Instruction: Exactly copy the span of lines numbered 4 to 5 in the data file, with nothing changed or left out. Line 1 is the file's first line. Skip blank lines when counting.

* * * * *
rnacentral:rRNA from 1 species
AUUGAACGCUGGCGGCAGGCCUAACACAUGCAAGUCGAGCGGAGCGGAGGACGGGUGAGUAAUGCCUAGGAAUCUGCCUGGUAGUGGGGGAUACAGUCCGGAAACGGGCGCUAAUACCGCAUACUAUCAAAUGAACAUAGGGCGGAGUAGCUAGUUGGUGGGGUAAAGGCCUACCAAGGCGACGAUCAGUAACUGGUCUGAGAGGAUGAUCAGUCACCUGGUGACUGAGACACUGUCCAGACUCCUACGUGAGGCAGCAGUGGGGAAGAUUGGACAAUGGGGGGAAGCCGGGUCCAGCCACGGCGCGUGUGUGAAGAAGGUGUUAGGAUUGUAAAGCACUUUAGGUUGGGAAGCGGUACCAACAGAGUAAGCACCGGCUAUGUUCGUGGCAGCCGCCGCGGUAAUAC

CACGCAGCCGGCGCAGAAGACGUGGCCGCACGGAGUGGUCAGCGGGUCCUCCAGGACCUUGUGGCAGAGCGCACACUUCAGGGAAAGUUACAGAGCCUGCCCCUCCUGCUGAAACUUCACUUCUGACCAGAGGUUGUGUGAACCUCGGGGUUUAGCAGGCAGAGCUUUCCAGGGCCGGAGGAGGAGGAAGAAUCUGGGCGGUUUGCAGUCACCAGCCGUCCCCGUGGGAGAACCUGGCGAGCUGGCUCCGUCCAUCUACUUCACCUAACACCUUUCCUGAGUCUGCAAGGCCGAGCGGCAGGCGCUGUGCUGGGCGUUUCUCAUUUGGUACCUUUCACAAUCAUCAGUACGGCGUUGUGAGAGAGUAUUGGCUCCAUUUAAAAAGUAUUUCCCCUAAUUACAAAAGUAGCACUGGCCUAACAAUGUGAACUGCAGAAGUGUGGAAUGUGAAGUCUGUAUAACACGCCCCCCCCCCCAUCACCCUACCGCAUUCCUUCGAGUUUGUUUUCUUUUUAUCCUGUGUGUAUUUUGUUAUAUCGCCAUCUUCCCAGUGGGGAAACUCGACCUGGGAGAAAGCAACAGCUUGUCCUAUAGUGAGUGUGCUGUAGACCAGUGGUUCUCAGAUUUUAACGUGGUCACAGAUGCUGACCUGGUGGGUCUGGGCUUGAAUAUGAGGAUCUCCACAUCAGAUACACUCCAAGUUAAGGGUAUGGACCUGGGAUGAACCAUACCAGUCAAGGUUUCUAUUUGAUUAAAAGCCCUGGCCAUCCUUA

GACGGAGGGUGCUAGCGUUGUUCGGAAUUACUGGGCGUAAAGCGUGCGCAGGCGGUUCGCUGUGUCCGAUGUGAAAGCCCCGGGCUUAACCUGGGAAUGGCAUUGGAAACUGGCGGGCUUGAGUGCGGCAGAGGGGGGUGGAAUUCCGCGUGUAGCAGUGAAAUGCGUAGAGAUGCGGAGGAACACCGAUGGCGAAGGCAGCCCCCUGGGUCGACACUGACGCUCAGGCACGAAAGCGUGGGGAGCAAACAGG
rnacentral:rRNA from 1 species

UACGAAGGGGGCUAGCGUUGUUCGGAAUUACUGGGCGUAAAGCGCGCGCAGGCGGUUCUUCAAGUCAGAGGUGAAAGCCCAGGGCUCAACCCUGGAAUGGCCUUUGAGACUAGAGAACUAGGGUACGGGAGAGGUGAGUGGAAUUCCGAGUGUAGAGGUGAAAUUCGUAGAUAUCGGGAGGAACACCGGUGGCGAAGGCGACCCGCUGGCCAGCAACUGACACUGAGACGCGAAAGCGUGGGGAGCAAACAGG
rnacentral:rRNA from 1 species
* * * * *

GACGGAGGGUGCUAGCGUUGUUCGGAAUUACUGGGCGUAAAGCGUGCGCAGGCGGUUCGCUGUGUCCGAUGUGAAAGCCCCGGGCUUAACCUGGGAAUGGCAUUGGAAACUGGCGGGCUUGAGUGCGGCAGAGGGGGGUGGAAUUCCGCGUGUAGCAGUGAAAUGCGUAGAGAUGCGGAGGAACACCGAUGGCGAAGGCAGCCCCCUGGGUCGACACUGACGCUCAGGCACGAAAGCGUGGGGAGCAAACAGG
rnacentral:rRNA from 1 species